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OPINION: Florida inmates should receive COVID-19 vaccine in next phase

Florida inmates need to have access to the COVID-19 vaccine in order for them to receive a humane standard of living. FOTOLIA/VIVICORVID

Health experts at USF announced Jan. 11 that vaccines will most likely be available to university students by this summer, according to Dean of Morsani College of Medicine Charles Lockwood, but a plan for vaccine distribution within Florida prisons has yet to be introduced. All prisoners are entitled to the same health care that is provided to those who contribute to society, and the vaccine would help decrease the spread of COVID-19.

Florida currently holds 98,504 inmates, 4,169 of whom are above the age of 65. A plan for their vaccination and care is essential, but Gov. Ron DeSantis and other state officials have yet to propose a way to include these citizens in the state’s current vaccine distribution plan. 

Florida’s inmates must be vaccinated in the next round of distribution to prevent furthering the already increasing spread of COVID-19 and to stop the infringement of human rights. The virus has already spread quickly through Florida’s prisons, risking the health of thousands of prisoners and employees.  

Since March, 17,560 Florida inmates have contracted the virus, 169 of whom have died, according to Florida Corrections Secretary Mark Inch, making the correctional department one of the most affected state agencies in Florida. The first case of COVID-19 within Florida prisons was reported April 5.

Prison employees have also been affected, with 4,603 having contracted COVID-19 and five who died due to complications from the virus, according to Inch.

Professor Katherine Drabiak at the USF College of Public Health said one of the reasons for the quick spread of COVID-19 in prisons is how close their living quarters are since Florida prisons are overcrowded, according to the 2019 Florida Bar Journal. 

“Prisoners, like other populations that are in close proximity and close contact, have a different risk of contracting the virus compared to people who have more ability to distance that are not in close proximity,” said Drabiak. 

Florida has the third-largest population of prisoners in the country, according to a 2020 report by the World Population Review, making its facilities high risk in the spread of COVID-19. 

Keeping inmates in close quarters has led to a surge in prison COVID-19 cases and without a vaccine, the spread is bound to continue. 

There are two COVID-19 vaccines currently available in the U.S. as of Jan. 17, and three more in latter-stage clinical trials, according to the Centers for Disease Control and Prevention. In Florida, the vaccine has been available to health care workers and people 65 years and older since Jan. 5. 

In November, the Federal Bureau of Prisons halted inmate visitations, limiting contact with society to 500 telephone minutes per month. However, as of September, facilities were able to make their own decisions about visitation plans for inmates, which could further the spread of the virus from inside the prisons to the outside world. Prisons are also not requiring inmates to wear masks, but court appearances have been changed to video conferences.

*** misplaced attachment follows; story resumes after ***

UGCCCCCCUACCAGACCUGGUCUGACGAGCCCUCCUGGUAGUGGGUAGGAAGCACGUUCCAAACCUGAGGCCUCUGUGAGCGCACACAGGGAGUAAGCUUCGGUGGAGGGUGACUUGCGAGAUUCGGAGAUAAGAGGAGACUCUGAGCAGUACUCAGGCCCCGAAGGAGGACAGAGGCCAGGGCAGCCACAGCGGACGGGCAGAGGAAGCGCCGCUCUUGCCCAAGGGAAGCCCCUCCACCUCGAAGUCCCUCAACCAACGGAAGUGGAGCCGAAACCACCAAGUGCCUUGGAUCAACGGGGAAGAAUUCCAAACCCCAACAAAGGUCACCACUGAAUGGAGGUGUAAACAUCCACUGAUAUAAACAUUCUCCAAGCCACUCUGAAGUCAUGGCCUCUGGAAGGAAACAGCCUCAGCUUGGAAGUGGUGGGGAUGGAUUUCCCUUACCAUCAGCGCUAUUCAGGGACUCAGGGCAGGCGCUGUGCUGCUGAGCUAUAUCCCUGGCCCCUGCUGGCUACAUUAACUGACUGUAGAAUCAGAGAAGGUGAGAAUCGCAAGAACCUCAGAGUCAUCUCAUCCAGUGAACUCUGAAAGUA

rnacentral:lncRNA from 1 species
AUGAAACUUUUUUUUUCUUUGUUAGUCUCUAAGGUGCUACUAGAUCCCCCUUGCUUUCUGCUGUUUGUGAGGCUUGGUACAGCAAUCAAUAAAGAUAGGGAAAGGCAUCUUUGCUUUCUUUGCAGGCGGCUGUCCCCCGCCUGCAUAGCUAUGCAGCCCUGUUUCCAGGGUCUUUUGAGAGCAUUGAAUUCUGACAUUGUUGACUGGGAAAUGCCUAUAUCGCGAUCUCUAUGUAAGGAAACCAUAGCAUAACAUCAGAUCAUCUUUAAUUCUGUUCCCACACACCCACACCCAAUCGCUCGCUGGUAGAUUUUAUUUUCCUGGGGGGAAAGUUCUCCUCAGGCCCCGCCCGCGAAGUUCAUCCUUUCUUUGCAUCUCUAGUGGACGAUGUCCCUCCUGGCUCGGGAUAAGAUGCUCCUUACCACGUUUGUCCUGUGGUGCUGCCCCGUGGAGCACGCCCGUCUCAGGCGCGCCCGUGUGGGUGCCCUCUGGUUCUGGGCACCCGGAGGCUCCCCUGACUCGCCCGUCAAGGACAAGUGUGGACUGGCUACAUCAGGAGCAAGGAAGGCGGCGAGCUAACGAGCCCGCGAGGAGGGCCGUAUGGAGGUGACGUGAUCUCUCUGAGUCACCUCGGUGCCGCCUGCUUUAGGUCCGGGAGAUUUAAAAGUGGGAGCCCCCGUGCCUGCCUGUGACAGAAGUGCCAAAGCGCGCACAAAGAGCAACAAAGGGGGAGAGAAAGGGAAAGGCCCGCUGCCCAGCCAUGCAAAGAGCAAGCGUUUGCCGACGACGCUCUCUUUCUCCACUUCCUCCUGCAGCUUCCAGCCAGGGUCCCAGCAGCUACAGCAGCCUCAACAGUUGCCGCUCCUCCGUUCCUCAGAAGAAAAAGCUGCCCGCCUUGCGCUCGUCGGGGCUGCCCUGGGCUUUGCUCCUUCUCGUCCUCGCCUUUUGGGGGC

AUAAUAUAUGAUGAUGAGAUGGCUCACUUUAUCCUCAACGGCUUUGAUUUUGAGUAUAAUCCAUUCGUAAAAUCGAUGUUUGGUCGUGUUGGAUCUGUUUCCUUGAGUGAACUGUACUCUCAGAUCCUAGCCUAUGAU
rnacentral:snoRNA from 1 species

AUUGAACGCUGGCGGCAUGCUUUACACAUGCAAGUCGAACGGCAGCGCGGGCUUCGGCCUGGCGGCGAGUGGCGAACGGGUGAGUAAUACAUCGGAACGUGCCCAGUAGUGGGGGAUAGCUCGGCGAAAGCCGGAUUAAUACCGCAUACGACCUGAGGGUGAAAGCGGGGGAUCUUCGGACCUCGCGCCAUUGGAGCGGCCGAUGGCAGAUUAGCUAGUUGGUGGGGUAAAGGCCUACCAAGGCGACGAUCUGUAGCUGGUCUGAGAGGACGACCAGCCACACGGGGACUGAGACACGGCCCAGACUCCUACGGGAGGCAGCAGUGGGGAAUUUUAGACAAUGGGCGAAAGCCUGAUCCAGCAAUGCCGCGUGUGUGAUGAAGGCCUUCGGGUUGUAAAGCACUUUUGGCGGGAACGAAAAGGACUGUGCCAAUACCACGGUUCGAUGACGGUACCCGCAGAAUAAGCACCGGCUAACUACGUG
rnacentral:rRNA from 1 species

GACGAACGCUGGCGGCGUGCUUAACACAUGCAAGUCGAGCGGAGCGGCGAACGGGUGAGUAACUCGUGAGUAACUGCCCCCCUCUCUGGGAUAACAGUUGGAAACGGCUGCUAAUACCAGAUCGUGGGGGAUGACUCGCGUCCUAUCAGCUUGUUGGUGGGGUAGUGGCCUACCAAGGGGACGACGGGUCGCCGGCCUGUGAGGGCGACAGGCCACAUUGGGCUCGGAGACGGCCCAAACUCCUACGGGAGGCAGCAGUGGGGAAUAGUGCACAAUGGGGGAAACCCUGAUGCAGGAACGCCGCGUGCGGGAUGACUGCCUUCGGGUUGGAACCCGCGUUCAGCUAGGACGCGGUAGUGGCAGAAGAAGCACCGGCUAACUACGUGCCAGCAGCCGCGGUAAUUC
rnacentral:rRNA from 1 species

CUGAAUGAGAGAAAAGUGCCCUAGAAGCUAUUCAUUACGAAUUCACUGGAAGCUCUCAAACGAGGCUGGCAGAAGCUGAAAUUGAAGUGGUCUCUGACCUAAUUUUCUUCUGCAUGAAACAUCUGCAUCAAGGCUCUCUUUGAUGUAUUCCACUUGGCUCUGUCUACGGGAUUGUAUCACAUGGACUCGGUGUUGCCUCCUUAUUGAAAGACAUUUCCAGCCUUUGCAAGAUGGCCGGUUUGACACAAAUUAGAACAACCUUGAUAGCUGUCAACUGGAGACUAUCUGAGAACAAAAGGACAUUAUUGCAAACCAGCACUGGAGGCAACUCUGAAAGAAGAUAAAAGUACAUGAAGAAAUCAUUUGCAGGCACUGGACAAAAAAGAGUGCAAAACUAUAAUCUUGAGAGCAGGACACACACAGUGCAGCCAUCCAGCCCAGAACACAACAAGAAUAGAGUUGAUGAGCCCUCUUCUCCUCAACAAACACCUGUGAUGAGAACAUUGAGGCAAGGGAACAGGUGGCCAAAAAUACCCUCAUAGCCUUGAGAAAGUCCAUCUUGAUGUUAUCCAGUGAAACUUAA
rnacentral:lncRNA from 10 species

Inch submitted a request Jan. 8 to provide senior prisoners with the already distributed COVID-19 vaccine, but health officials have not yet responded. 

Many of those imprisoned are believed to deserve less-than-standard living conditions. Some have committed crimes deemed as unforgivable and they should be punished for said crime, but prisoners must be treated like any other citizen when being cared for in a health care crisis like the COVID-19 pandemic, so says the U.S. Constitution. 

The Eighth Amendment, which prohibits “cruel and unusual punishment,” requires that prisoners be provided with a minimum standard of living. Neglecting to provide inmates with vaccines in a global pandemic would be categorized under cruel and unusual punishment, since virus vaccines are a basic health necessity, according to the United Nations Office of the High Commissioner. Denying inmates access to the COVID-19 vaccine would be a clear violation of the Eighth Amendment.

Drabiak explained that despite living outside of ordinary society, inmates must be treated with the same respect as any other citizen.

“We treat prisoners the same as we would treat anybody else. They are entitled to dignity and to respect,” said Drabiak.

Citizens above the age of 65 outside of the prison system have already been given access to the vaccines, so it is only fair to provide the vaccine to prisoners within the same age group. 

Vaccines are essential to the health and well-being of all citizens, and the Bureau of Prisons is aware of their importance. The influenza vaccine is provided to inmates on a national level, yet a plan for the distribution of the COVID-19 vaccine has not yet been established. 

No matter their charge, inmates are entitled to basic human rights and access to rudimentary health care. Florida inmates should receive vaccines soon to avoid furthering the spread of the virus and to abide by the Eighth Amendment of the Constitution. Inch’s proposal to provide inmates 65 years and older with the vaccine is a start to mitigate outbreaks of the virus in prisons.